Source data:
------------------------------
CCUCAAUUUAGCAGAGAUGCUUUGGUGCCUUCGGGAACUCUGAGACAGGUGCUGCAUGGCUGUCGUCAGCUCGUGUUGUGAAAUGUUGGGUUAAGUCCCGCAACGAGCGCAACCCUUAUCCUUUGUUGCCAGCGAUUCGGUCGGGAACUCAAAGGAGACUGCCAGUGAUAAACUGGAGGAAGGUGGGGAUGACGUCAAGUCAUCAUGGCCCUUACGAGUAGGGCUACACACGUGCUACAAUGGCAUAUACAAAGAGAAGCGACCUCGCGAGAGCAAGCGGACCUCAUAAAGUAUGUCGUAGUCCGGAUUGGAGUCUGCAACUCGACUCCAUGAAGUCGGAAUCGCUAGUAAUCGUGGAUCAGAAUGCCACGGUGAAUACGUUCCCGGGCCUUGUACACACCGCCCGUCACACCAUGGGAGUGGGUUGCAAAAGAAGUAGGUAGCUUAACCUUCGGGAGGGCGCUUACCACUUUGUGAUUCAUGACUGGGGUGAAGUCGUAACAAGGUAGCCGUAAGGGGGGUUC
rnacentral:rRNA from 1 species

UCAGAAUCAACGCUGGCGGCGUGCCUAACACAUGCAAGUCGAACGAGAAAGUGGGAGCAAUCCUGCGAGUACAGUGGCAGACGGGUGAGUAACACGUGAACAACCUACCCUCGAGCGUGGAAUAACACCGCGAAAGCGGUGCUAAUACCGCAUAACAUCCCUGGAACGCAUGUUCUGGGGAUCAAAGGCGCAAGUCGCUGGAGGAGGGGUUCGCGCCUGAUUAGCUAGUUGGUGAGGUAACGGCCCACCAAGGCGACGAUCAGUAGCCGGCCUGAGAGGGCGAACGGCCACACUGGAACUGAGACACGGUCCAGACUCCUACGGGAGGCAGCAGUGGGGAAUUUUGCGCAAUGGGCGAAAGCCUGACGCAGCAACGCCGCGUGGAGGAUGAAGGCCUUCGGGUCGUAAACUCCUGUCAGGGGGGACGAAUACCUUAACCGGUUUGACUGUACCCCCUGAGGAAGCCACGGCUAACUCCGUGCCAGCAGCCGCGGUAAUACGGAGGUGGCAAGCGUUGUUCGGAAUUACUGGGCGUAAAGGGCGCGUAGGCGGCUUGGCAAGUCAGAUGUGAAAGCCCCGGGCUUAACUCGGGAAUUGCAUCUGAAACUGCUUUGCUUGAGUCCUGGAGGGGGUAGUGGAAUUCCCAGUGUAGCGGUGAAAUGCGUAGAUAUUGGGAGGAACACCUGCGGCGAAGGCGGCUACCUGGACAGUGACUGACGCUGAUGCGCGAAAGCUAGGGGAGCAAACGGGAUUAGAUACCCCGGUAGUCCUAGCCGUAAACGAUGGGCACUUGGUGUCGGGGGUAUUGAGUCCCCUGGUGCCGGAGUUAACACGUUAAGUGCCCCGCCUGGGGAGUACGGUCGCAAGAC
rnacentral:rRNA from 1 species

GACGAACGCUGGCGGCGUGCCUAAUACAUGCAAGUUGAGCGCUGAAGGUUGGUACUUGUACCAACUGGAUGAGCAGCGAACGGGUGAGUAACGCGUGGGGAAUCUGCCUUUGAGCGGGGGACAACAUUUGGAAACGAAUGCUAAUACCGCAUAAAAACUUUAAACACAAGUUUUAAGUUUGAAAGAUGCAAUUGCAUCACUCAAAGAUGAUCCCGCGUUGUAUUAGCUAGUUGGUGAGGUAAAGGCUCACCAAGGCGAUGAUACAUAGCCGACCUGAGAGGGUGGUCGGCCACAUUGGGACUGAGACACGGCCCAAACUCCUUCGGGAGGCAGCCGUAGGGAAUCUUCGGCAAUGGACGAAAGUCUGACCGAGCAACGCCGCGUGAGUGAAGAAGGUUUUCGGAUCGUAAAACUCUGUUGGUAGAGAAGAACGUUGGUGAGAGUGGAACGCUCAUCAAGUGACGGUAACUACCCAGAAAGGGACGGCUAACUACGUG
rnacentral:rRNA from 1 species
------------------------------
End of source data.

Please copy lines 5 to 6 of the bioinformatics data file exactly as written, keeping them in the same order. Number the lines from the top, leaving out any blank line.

GACGAACGCUGGCGGCGUGCCUAAUACAUGCAAGUUGAGCGCUGAAGGUUGGUACUUGUACCAACUGGAUGAGCAGCGAACGGGUGAGUAACGCGUGGGGAAUCUGCCUUUGAGCGGGGGACAACAUUUGGAAACGAAUGCUAAUACCGCAUAAAAACUUUAAACACAAGUUUUAAGUUUGAAAGAUGCAAUUGCAUCACUCAAAGAUGAUCCCGCGUUGUAUUAGCUAGUUGGUGAGGUAAAGGCUCACCAAGGCGAUGAUACAUAGCCGACCUGAGAGGGUGGUCGGCCACAUUGGGACUGAGACACGGCCCAAACUCCUUCGGGAGGCAGCCGUAGGGAAUCUUCGGCAAUGGACGAAAGUCUGACCGAGCAACGCCGCGUGAGUGAAGAAGGUUUUCGGAUCGUAAAACUCUGUUGGUAGAGAAGAACGUUGGUGAGAGUGGAACGCUCAUCAAGUGACGGUAACUACCCAGAAAGGGACGGCUAACUACGUG
rnacentral:rRNA from 1 species